|Office of the Attorney General - State of Texas
September 28, 1999
Ms. Marianna M. McGowan
Dear Ms. McGowan
On behalf of the Hurst-Euless-Bedford Independent School District (the "school district"), you ask whether certain information is subject to required public disclosure under the Texas Public Information Act (the "PIA"), chapter 552 of the Government Code. Your request was assigned ID#128911.
The school district received a request for nine items of information concerning one of its current employees. You state that the school district objects to the required public disclosure of items 1, 3, 4, and 8. We assume that the school district will release to the requestor the other requested items of information, if it has not already done so. You contend that the requested information is not subject to the PIA. In addition, you assert that the information in items 1, 3, 4, and 8 is excepted from disclosure based on sections 552.022, 552.101, 552.103, and 552.107(1) of the Government Code and the attorney work product privilege. You have submitted to this office representative samples of the information at issue.(1)
You argue that the information requested is not maintained by the school district, but by the school district's attorney's. Section 552.002(a) of the Government Code, which defines the information subject to disclosure under the PIA, reads as follows:
In this chapter, "public information" means information that is collected, assembled, or maintained under a law or ordinance or in connection with the transaction of official business:
(1) by a governmental body; or
(2) for a governmental body and the governmental body owns the information or has a right of access to it.
The information concerns services your law firm provided the school district. You do not dispute that the information concerns the school district's official business. Nor do you argue that the school district does not have a right of access to the information. Although the records may be in the law firms' physical custody, they are constructively in the school district's custody. See Open Records Decision No. 462 at 7 (1987). We therefore conclude that the information at issue is the school district's information subject to the PIA. See Open Records Decision Nos. 499 (1988), 462 (1987).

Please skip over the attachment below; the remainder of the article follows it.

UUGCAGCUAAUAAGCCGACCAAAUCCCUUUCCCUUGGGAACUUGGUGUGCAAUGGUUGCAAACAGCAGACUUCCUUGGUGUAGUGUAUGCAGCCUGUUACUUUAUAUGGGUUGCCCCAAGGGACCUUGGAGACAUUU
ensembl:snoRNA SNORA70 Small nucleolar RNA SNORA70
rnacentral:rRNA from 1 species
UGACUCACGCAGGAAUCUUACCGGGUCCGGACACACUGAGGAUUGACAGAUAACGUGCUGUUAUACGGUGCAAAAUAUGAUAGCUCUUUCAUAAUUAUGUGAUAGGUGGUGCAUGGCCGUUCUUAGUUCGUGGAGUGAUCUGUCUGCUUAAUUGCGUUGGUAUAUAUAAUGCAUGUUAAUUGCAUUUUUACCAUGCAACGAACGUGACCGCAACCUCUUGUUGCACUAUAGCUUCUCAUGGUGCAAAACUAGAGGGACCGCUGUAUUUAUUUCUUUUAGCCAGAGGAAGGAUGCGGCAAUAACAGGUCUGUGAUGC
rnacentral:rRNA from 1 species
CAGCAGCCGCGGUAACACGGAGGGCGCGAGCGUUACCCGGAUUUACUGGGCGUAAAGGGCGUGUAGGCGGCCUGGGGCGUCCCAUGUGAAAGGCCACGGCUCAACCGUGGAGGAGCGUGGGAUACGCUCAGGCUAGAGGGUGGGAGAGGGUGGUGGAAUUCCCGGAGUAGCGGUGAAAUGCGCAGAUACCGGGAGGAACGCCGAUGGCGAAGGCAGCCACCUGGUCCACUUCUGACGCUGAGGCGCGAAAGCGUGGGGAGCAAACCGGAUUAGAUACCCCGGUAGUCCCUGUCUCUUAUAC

Section 552.022 of the Government Code is not an exception to disclosure. Rather, this provision sets out certain categories of information that are public information. Thus, the school district may not withhold the requested information from disclosure based on sections 552.022 of the Government Code.
As for sections 552.103, 552.107(1) and the attorney work privilege, we conclude that the school district has waived these claims. It appears to this office that the school district has failed to raise these exceptions within the PIA statutory deadline. Gov't Code § 552.301. Therefore, the school district may not withhold the requested information based on section 552.103, 552.107(1) or the attorney work product privilege.(2) See Hancock v. State Bd. of Ins., 797 S.W.2d 379 (Tex App.--Austin 1990, no writ), Open Records Decision No. 630 (1994); see also Open Records Decision Nos. 647 (section 552.111 applicable to attorney work product), 575 (1990) (section 552.103 applicable to attorney work product), 574 (1990) (discovery privileges, including work product privilege, not covered by predecessor provision of section 552.101), 515 (1988) (section 552.111 waived when not timely raised), 473 (1987) (predecessor to section 552.103 waived when not timely raised).
Some of the information contained in the documents submitted to this office for review is excepted from disclosure by common-law privacy under section 552.101 of the Government Code. Section 552.101 is not waivable. The provision excepts from disclosure "information considered to be confidential by law, either constitutional, statutory, or by judicial decision." This section encompasses information protected by common-law privacy and excepts from disclosure private facts about an individual. Industrial Found. v. Texas Indus. Accident Bd., 540 S.W.2d 668 (Tex. 1976), cert. denied, 430 U.S. 931 (1977). Therefore, information may be withheld from the public when (1) it is highly intimate and embarrassing such that its release would be highly objectionable to a person of ordinary sensibilities, and (2) there is no legitimate public interest in its disclosure. Id. at 685; Open Records Decision No. 611 (1992) at 1.